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Simple test can tell if a stroke patient will be alive in three years

Simple test that takes less than ten minutes can tell ‘whether a stroke patient will still be alive in three years’

  • The new test measures memory and thinking skills within a week of a stroke
  • Patients who do best have a much better prognosis than those who struggle 
  • German researchers tested it on 274 patients within a week of their stroke
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A bedside test for people who have had a stroke could predict their health three years later.

The thinking skills test, done in the week after a stroke, can identify people who are seven times more likely to die within three years. 

People who do badly are more than twice as likely to later struggle with daily activities like washing and dressing.

The Montreal Cognitive Assessment, famously passed by US President Donald Trump, takes only minutes to complete and includes memory, language and concentration tests. 

It is widely used for people who have suffered a stroke.

Patients who do best have a much better prognosis than those who struggle, according to new research by German scientists

A study of 274 stroke patients found it could predict their chances of death, mobility problems and ability to live independently.

That is because problems with cognition, or ‘thinking skills’, can be a red flag for wider issues in the brain and circulation problems leading to potentially fatal high blood pressure and cardiac disease.

Researchers found those who scored badly in the week after a stroke had a survival rate of 83 per cent, compared to 97 per cent for those with no thinking problems.

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Among those scoring less than 26 on cognitive skills, 42 per cent had problems with daily activities three years later, compared to 13 per cent without cognitive impairment.

Dr Martin Dichgans, a co-author of the study from Ludwig-Maximilians University in Germany, said: ‘We found that this test, which takes less than ten minutes, can help predict whether people will have impaired thinking skills, problems that keep them from performing daily tasks such as bathing and dressing and even whether they will be more likely to die.

‘This test should be used to screen people with stroke and to counsel them and their families about long-term prognosis, and also to identify those who would most benefit from interventions that could improve their outcomes.’ 

Researchers gave the test to patients in Germany and France, dividing them into two groups of cognitively impaired people and those without thinking problems.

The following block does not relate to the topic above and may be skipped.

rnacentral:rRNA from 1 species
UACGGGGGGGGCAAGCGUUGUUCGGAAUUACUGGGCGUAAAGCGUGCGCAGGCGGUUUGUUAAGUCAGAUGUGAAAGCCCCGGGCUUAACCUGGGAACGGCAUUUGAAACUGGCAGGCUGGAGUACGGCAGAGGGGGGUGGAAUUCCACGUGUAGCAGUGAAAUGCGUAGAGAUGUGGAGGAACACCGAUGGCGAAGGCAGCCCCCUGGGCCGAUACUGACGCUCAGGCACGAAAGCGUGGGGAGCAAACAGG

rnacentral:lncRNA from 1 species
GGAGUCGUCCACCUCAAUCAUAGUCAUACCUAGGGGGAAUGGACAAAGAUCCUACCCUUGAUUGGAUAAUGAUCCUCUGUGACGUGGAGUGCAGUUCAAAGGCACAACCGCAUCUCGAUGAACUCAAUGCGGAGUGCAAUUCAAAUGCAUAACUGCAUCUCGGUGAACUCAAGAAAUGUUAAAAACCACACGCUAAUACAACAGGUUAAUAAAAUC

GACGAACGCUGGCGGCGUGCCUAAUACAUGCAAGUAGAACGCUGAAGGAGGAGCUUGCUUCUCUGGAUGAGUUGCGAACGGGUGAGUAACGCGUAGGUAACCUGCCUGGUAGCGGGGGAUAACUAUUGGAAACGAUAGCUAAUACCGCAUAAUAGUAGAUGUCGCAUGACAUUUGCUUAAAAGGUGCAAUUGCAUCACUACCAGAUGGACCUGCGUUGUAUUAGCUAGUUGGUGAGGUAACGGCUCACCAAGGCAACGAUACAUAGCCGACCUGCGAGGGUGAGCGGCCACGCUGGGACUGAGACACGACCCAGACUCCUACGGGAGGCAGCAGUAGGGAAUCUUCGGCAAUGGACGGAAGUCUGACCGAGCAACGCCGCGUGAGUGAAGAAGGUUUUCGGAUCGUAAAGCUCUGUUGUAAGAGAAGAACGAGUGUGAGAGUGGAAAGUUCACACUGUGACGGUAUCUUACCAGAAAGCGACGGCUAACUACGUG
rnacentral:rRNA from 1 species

Participants were then tested for their thinking and memory skills, motor functioning and ability to complete daily living tasks six months, one year and three years after their stroke.

Those with thinking problems on the first test were around five times more likely to have problems with their motor skills. 

The results, published in the journal Neurology, show 29 per cent struggled with motor skills, compared to five per cent of those without cognitive impairment.

The study concludes that people whose thinking abilities are damaged by a stroke may need ‘special attention’ and miss out on important rehabilitation, causing problems later on.

An editorial based on the study was written by Drs Elisabeth Marsh and Franz Fazekas, at Johns Hopkins University and the Medical University of Graz, Austria.

They state: ‘One potential explanation may be that good cognitive function is required to participate in activities such as taking medications as prescribed that are important for physical wellbeing.’

Dr Sara Imarisio, head of research at Alzheimer’s Research UK, said: ‘While this study did not look at people with dementia, having a stroke is a major risk factor for developing the condition and memory and thinking decline more generally.

‘This study suggests that people’s memory and thinking immediately after a stroke could predict longer term impairment, but it’s unlikely that a single test would capture everyone at risk of long-term memory problems.’   


There are two kinds of stroke: 


An ischemic stroke – which accounts for 80 percent of strokes – occurs when there is a blockage in a blood vessel that prevents blood from reaching part of the brain.


The more rare, a hemorrhagic stroke, occurs when a blood vessel bursts, flooding part of the brain with too much blood while depriving other areas of adequate blood supply.

It can be the result of an AVM, or arteriovenous malformation (an abnormal cluster of blood vessels), in the brain.

Thirty percent of subarachnoid hemorrhage sufferers die before reaching the hospital. A further 25 percent die within 24 hours. And 40 percent of survivors die within a week.


Age, high blood pressure, smoking, obesity, sedentary lifestyle, diabetes, atrial fibrillation, family history, and history of a previous stroke or TIA are all risk factors for having a stroke.


  • Sudden numbness or weakness of the face, arm or leg, especially on one side of the body
  • Sudden confusion, trouble speaking or understanding
  • Sudden trouble seeing or blurred vision in one or both eyes
  • Sudden trouble walking, dizziness, loss of balance or coordination
  • Sudden severe headache with no known cause


Of the roughly three out of four people who survive a stroke, many will have life-long disabilities.

This includes difficulty walking, communicating, eating, and completing everyday tasks or chores. 


Both are potentially fatal, and patients require surgery or a drug called tPA (tissue plasminogen activator) within three hours to save them. 

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